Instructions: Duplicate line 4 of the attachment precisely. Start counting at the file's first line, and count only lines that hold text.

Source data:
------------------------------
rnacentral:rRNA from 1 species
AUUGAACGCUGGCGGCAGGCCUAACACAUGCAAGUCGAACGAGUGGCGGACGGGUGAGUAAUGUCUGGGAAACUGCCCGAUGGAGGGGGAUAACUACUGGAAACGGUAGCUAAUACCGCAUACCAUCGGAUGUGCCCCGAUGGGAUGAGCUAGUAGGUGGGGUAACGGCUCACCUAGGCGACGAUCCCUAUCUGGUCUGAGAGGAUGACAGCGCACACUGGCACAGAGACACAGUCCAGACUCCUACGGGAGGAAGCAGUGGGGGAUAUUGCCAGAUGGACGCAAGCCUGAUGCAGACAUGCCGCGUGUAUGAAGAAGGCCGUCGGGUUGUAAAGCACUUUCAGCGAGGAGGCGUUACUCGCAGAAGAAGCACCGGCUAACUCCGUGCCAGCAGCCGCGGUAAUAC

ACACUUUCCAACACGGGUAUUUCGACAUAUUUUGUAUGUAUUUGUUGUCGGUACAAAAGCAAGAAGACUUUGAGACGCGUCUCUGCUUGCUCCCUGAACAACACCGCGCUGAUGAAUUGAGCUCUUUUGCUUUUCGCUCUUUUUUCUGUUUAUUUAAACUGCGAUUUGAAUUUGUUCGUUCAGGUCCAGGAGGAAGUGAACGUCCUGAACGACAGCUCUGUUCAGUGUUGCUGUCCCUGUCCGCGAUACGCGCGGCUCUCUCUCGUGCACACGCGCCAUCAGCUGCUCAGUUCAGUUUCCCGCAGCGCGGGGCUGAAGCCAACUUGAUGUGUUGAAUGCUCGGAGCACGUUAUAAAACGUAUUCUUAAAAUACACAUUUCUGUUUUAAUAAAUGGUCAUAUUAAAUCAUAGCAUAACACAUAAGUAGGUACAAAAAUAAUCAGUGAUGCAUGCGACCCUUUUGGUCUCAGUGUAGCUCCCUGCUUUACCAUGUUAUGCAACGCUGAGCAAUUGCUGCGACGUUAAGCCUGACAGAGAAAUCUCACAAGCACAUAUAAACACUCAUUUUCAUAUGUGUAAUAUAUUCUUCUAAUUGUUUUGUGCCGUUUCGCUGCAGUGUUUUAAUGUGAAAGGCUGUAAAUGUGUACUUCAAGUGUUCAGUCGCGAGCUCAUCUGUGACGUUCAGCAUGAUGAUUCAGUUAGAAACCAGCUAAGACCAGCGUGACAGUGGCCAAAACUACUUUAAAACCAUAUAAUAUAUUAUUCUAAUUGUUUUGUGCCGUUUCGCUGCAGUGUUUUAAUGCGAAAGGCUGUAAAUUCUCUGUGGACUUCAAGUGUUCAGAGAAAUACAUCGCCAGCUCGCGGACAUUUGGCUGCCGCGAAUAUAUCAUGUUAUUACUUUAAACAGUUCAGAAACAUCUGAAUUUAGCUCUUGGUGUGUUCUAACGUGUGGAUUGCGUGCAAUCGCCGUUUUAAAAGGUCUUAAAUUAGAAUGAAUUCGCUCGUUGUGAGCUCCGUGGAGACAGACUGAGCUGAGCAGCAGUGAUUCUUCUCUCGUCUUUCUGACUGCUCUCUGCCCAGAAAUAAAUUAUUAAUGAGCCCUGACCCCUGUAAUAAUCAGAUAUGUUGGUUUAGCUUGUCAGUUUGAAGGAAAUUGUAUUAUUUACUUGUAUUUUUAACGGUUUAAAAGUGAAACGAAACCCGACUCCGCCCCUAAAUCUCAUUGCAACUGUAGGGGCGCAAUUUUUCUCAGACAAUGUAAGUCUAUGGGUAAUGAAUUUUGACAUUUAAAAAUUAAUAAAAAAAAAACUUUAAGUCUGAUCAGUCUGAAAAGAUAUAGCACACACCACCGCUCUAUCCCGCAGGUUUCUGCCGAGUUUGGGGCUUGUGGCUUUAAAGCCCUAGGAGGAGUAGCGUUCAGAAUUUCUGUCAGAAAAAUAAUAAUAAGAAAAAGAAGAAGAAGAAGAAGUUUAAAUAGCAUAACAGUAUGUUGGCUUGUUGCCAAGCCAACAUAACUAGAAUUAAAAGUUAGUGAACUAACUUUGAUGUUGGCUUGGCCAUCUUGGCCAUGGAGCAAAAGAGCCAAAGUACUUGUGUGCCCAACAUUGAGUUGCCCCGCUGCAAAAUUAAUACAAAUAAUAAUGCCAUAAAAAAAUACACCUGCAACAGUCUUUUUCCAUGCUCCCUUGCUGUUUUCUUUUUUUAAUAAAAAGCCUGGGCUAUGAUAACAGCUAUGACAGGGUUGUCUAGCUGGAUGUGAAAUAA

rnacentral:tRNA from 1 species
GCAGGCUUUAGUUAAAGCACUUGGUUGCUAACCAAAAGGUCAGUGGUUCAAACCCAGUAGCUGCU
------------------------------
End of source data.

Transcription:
rnacentral:tRNA from 1 species